Friday, September 28, 2012

Game vs. Art

A game is interactive and allows for movement, players, rules, and strategy. A game may very well have a style and purpose to it. A game is relative to new media and how creativity can be taken to a different level. The games we played in class included artistic means, such as the use of photography, perspective, and color. A game can be played by one person or multiples, just like art can be created by one person or in a group. There is also a history behind, both art and games. Art and games have evolved over time, yet they are still played, viewed, and discussed.  Both games and art can also be documented and planned out.

However, a game is also very different from art that we may see or create for a gallery space. For example, an artist can create a video, drawing, or a sculpture. It already has an essential purpose and meaning created by the artist and is interpreted differently among viewers. The art piece remains the same, unless changes are made to it in the future. These forms of art are not very interactive or are influenced by viewers after they have already been created, unless it is an interactive installation. When I say influence, I mean manipulated or altered in some way. A painting is concrete and within reach. A game can be replayed and have different outcomes and possibilities. Art has an aesthetic quality to it and can often be defined by one medium or mixed media, as well.  Art and games have similar qualities, but can also be viewed in your own way.

Friday, September 21, 2012

I Spy, Picture Perfect Game


-Two people on each team

-There is one picture holder


Teams will agree on location or boundaries at Oakland to play at (a building, outdoor court -being specific, OU Center, Recreation Center).  The picture holder will take pictures, sending them to each team.  In this case, Leah will be the first picture holder.


Teams want to try and figure out what the object is that is being captured and sent to each team.  When the teams figure out what the object is they will get points.  There will be at least 5 pictures taken by the picture holder, varying on difficulty. 


Picture holder has to impose a challenge to the teams; paying attention to composition and the type of shot (close up, medium shot, etc.)

Teams will have three tries to guess the object in the picture.  If the team guesses it correctly on the first try they will get 5 pts, second try is 2 pts, and third try is 1 pt.  If they do not guess it correctly there will be no points gained.  The team with the most points after five or more pictures will be safe.  The team with the lowest point will have to switch out one of the team members and become the picture holder.  The person that was already the picture holder will then join the other team member with the lowest amount of points.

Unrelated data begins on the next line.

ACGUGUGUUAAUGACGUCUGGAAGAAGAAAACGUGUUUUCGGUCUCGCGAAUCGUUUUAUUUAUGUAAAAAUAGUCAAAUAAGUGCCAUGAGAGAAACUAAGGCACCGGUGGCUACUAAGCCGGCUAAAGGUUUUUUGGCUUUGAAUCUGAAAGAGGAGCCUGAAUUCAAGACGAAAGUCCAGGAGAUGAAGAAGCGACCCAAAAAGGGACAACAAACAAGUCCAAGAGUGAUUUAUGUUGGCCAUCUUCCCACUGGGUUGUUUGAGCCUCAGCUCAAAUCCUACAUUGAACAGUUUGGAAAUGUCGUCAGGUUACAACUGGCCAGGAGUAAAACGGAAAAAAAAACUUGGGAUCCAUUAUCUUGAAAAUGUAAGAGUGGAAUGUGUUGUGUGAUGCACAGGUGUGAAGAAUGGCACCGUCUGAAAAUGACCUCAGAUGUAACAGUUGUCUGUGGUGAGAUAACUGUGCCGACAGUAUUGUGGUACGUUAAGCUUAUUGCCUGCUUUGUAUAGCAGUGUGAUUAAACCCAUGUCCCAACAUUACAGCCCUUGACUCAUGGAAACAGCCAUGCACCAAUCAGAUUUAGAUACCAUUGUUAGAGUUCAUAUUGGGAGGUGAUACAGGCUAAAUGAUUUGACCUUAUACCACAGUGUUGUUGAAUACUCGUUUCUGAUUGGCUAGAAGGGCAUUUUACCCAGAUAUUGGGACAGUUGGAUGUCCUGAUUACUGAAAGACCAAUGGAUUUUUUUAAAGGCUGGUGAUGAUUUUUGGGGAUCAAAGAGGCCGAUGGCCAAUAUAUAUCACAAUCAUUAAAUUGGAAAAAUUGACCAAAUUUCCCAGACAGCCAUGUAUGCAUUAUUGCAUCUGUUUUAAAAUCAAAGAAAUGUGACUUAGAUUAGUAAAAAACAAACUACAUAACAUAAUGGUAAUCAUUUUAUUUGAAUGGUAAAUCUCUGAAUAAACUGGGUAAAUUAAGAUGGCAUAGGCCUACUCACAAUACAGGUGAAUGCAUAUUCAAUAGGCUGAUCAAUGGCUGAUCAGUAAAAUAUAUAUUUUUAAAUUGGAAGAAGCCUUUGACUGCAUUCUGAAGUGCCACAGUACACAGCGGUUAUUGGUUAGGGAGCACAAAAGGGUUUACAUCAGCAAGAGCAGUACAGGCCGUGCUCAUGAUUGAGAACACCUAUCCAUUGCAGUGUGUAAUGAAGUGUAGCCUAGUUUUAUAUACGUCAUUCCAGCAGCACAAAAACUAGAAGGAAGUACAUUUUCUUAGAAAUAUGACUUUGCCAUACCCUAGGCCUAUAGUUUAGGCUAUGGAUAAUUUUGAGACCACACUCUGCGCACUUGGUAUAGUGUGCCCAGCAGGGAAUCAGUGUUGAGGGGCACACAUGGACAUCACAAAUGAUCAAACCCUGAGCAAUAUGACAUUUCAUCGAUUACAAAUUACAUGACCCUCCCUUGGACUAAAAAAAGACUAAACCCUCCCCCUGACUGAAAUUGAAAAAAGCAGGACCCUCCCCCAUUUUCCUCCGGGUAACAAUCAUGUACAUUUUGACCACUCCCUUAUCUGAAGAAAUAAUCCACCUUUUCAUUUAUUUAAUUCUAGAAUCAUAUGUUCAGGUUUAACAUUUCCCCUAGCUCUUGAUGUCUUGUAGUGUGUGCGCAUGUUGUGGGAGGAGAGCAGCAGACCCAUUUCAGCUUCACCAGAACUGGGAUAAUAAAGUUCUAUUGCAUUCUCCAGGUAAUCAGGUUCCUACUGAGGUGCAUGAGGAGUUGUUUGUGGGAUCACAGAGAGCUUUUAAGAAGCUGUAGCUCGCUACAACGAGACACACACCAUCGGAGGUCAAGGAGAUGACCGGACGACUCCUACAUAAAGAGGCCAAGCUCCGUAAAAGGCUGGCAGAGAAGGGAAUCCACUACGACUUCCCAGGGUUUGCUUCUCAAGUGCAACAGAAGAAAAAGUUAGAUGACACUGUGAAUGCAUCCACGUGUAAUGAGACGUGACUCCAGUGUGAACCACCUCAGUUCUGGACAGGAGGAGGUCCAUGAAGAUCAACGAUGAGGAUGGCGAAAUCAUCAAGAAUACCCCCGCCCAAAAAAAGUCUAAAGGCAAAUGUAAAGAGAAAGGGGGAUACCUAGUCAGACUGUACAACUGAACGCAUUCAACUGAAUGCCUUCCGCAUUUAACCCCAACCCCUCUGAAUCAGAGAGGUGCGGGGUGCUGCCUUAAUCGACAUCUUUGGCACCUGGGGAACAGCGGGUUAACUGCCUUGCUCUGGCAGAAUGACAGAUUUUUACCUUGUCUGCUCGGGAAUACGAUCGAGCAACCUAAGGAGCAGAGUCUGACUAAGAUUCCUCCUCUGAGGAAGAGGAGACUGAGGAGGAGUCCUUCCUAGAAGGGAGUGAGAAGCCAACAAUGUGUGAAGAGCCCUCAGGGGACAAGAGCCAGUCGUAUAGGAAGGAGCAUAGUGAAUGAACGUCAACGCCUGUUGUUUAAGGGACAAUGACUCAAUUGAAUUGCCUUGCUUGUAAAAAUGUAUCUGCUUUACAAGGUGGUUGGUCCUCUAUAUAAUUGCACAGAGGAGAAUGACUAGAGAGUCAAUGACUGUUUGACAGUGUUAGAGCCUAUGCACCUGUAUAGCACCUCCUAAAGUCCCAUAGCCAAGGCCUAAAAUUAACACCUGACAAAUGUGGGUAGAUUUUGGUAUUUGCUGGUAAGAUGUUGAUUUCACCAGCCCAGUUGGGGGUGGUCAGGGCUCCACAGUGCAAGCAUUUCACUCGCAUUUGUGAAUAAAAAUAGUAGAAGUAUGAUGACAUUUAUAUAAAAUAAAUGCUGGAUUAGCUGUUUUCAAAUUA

Game can keep going until time is up…


-At least 5 pictures taken per picture holder

-Avoid being the picture holder, based on points


Tuesday, September 18, 2012

Exquisite Corpse Game

Time period: 1930's, or it was argued that it started around 1918.
One of the creators is Andre Breton.  There are pictures and example that are easily accessible on online.

"Surrealist techniques exploiting the mystique of accident was a kind of collective collage of words or image..."

It was based on an old parlor game where several people played.  A player would write a phrase on a sheet of paper, covering part of their phrase.  The next player would then finish their phrase, creating a new one.  Not knowing what it was going to say was the fun part of the game.  This game was also adapted into drawing.  A player would fold up a piece of paper into two or three sections and create a drawing.  It could be anything, or a general person/creature.  The fun is to not see the other sections until the art is complete.

This game is still played, today.  I remember playing it in elementary, myself.  This is something to keep people entertained for hours.

Monday, September 10, 2012

Show and Tell

My favorite work of art relative to New Media is a video I created called Relentless Mind, Calm Body.  The video is roughly 4 minutes and 6 seconds long.  It was completed and uploaded late 2011.  I developed my ideas for this work in my Video Art I class, taught by Vagner Whitehead.  This is a work inspired by my deepest, most personal thoughts.  I represent myself and my insecurities through voicing my conflicted memories.  "The mind is conflicted with memories and how one should perceive them. Demonstrated through painting the body with red paint (memories) and washing them away; soaking in them. Memories are seen through experiences, following me in the water."  -My Vimeo page

I am most proud of this work because this is when I realized that I had developed a style.  I felt that this video helps people see me in a different light.  I wanted to bring emotion and visual stimulation to the viewers.